There are units on these islands, says local government chief executive Yevgeny Soldatenko, ``but no bases.'' More importantly, local officials say they have ambitious plans to develop these islands for the sake of the residents. They submitted a 10-year, 200 million ruble ($320 million) plan which has received approval in Moscow. Concrete buildings, including a new school, department store, and cultural center, are going up on a hillside above the port. The weather-beaten two-story wooden barracks, many of them protected from the harsh weather by tar paper, are to be replaced with more substantial housing, they hope.
With more local autonomy promised, says local Communist Party chief Vyascheslov Gudakov, the islands hope to keep more of the money from their fish exports.
``We won't give all the money to Moscow - we'll spend it here,'' Mr. Gudakov says.
It is the marine resources that are, by all appearances, South Kurile islands' main value to the Soviet Union. The waters around these islands, where cold and warm currents converge, are said to be among the three richest fishing grounds in the world. About 6,800 people live on Shikotan, most of them working in what officials say is the largest fish processing factory in the Soviet Far East. Another cannery is on Kunashir, where a fleet of fishing boats operates from the port.
The waters are filled with crab, salmon, seaweed, and other marine life, abundant enough to attract Japanese and Taiwanese fishing boats to violate routinely Soviet waters and negotiated fishing rights, Soviet officials charge. High-speed Japanese boats, operating out of nearby Japanese port of Nemuro, zip close offshore with nets to poach crab in their spawning grounds, complains fishing company official Sergei Avramenko.
The local government says it hopes these riches will be enough to entice more legal forms of foreign business involvement. Residents talk optimistically about creating a ``special economic zone'' on the island, offering tax and other enticements to foreign firms to develop tourism, the local industry, and trade with Japan and other countries.
The islanders are carrying out their own ``peace offensive'' with Moscow's blessing. A local historical group, the Frigate Society, has been formed with the dual aim of pressing Moscow's historic claim to the islands and trying to open links to Japan. Fedor Pyzhyanov, the energetic schoolteacher who heads the society, offers ``people- to-people'' diplomacy, including exchanges with the Japanese society for the return of the islands and even suggesting Japanese residents could return to live there.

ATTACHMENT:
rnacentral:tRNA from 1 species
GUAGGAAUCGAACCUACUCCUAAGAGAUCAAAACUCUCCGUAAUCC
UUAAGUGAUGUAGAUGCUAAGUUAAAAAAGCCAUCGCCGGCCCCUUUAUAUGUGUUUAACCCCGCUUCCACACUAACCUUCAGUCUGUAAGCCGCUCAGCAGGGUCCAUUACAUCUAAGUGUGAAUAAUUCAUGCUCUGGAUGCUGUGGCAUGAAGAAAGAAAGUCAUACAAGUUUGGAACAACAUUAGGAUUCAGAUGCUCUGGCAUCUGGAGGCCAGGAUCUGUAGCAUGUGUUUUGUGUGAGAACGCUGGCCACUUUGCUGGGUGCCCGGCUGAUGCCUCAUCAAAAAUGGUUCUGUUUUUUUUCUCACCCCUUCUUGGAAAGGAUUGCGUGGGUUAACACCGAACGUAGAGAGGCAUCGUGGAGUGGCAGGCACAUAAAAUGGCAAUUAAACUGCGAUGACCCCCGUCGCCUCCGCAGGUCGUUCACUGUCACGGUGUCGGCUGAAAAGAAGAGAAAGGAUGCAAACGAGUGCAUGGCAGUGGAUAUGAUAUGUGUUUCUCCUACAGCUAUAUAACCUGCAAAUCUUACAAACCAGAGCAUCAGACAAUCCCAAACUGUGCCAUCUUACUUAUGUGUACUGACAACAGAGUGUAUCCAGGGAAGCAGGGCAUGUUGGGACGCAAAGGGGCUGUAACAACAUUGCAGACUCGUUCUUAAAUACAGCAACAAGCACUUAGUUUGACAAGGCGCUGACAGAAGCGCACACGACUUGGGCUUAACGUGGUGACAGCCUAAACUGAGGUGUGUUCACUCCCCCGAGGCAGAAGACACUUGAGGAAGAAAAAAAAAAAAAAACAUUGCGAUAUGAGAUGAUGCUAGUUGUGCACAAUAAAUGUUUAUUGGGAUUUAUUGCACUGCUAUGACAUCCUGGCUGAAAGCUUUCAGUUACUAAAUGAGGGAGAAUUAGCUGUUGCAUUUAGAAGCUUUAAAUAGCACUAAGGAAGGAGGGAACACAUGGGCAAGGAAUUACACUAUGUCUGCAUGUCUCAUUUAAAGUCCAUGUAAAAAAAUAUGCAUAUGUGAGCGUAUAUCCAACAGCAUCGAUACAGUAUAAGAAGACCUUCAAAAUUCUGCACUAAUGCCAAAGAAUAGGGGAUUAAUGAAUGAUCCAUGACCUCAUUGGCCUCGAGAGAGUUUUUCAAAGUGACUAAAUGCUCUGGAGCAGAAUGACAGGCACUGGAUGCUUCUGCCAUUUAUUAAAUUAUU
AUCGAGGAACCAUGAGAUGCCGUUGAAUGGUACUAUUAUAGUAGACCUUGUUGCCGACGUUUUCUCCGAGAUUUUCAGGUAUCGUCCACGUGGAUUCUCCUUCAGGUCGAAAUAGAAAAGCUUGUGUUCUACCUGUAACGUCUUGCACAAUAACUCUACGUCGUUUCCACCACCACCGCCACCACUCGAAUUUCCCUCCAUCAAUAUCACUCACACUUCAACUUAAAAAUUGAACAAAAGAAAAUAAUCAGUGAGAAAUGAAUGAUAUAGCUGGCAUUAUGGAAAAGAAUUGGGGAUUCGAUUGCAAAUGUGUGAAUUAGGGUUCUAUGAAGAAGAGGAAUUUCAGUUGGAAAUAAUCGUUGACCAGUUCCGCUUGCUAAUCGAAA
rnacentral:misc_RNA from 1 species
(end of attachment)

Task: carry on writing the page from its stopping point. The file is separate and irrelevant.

On July 2 the Frigate Society staged a reenactment of the first Russian ``discovery'' of the islands, 250 years before. The first Western newsmen to go to the Southern Kuriles were invited to witness this assertion of the legitimacy of Soviet authority.
During peace-treaty negotiations in 1956, the Soviets offered to return Shikotan and the Habomais, a deal which many analysts say the Soviets may still accept, although Tokyo refuses anything but return of all the islands. Japanese government officials say they have seen no sign of shift in the Soviet official stance that the post-World War II borders are permanent. A Western intelligence official in Tokyo speculates that the upsurge of nationalist sentiments in the Baltic republics, which came under Soviet control during World War II, would make Moscow even more reluctant to consider redrawing boundaries.
The islanders react angrily to the idea that anyone - including Moscow - might trade their home for Japanese money. ``Now in the period of perestroika (restructuring), our government should take into account the opinion of ordinary people,'' society chairman Pyzhyanov says angrily, ``especially when the decision concerns the fate of these people.''
``Our desire is that this land should belong to the Russian people who live there,'' says Pavil Kuznechenko, editor of the local paper, On the Frontier.
If the Japanese insist on their political demands as a precondition for economic ties, Mr. Kuznechenko threatens, they will go to others. Only two weeks ago, he recounts, a nine-man South Korean delegation headed by a ruling party parliamentarian spent three days on the island looking at possibilities of developing fishing and seaweed extract resources.
The prospect ahead, a Japanese official in Tokyo says somewhat wearily, is only for a ``long discussion.''